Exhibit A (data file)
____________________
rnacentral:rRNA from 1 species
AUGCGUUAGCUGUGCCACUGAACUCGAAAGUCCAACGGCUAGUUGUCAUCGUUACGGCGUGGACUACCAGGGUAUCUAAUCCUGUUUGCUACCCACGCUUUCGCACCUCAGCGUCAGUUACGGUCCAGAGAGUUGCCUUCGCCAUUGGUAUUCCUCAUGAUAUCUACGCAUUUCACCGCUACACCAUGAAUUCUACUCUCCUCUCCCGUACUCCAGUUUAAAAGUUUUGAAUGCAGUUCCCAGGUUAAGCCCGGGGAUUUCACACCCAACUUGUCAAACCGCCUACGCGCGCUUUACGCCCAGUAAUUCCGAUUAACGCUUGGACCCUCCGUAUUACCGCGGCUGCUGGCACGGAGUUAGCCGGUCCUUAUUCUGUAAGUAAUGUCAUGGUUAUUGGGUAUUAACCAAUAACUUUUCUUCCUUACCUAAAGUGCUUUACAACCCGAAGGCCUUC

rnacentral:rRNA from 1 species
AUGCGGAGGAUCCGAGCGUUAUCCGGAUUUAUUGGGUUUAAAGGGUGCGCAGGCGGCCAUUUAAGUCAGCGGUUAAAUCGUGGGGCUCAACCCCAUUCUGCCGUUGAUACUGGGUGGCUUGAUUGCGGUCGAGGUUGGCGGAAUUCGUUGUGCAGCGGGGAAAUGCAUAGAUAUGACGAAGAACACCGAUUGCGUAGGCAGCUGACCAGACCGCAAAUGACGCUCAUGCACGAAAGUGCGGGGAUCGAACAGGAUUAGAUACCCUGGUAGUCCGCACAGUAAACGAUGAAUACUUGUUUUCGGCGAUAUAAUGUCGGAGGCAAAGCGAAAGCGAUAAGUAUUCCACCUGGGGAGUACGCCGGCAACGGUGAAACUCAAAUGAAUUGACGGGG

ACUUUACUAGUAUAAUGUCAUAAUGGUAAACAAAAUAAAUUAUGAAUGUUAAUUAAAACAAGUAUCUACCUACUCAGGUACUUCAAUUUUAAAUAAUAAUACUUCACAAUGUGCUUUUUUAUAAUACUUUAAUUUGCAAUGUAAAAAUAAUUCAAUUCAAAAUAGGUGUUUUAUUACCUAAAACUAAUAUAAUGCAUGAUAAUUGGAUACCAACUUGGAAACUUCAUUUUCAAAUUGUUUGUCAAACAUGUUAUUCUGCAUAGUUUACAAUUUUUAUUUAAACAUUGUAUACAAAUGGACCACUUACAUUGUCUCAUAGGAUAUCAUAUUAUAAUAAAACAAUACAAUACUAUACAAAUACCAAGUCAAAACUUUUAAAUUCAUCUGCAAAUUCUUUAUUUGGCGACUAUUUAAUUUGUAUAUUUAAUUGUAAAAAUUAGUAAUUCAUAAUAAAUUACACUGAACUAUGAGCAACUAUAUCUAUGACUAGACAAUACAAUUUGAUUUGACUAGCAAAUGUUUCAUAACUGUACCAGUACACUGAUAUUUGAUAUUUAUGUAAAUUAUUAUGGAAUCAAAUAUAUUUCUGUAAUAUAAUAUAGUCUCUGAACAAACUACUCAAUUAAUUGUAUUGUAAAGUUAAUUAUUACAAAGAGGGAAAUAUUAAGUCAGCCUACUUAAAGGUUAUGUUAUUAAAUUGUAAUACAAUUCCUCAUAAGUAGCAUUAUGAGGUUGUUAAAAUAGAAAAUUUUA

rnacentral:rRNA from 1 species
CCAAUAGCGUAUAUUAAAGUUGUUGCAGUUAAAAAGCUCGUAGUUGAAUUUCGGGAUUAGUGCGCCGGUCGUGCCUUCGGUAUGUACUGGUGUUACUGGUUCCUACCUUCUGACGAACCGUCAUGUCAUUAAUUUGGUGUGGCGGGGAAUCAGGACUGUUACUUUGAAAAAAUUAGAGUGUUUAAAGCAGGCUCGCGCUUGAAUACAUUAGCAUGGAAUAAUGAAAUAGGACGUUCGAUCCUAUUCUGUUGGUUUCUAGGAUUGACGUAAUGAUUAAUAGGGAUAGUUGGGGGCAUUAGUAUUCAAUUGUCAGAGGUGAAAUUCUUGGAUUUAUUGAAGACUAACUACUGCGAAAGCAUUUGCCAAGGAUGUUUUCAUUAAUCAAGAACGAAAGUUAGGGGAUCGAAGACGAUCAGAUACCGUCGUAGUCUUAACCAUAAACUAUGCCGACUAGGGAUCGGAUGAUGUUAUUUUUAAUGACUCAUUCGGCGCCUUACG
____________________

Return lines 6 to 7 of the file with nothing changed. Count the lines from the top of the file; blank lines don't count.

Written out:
rnacentral:rRNA from 1 species
CCAAUAGCGUAUAUUAAAGUUGUUGCAGUUAAAAAGCUCGUAGUUGAAUUUCGGGAUUAGUGCGCCGGUCGUGCCUUCGGUAUGUACUGGUGUUACUGGUUCCUACCUUCUGACGAACCGUCAUGUCAUUAAUUUGGUGUGGCGGGGAAUCAGGACUGUUACUUUGAAAAAAUUAGAGUGUUUAAAGCAGGCUCGCGCUUGAAUACAUUAGCAUGGAAUAAUGAAAUAGGACGUUCGAUCCUAUUCUGUUGGUUUCUAGGAUUGACGUAAUGAUUAAUAGGGAUAGUUGGGGGCAUUAGUAUUCAAUUGUCAGAGGUGAAAUUCUUGGAUUUAUUGAAGACUAACUACUGCGAAAGCAUUUGCCAAGGAUGUUUUCAUUAAUCAAGAACGAAAGUUAGGGGAUCGAAGACGAUCAGAUACCGUCGUAGUCUUAACCAUAAACUAUGCCGACUAGGGAUCGGAUGAUGUUAUUUUUAAUGACUCAUUCGGCGCCUUACG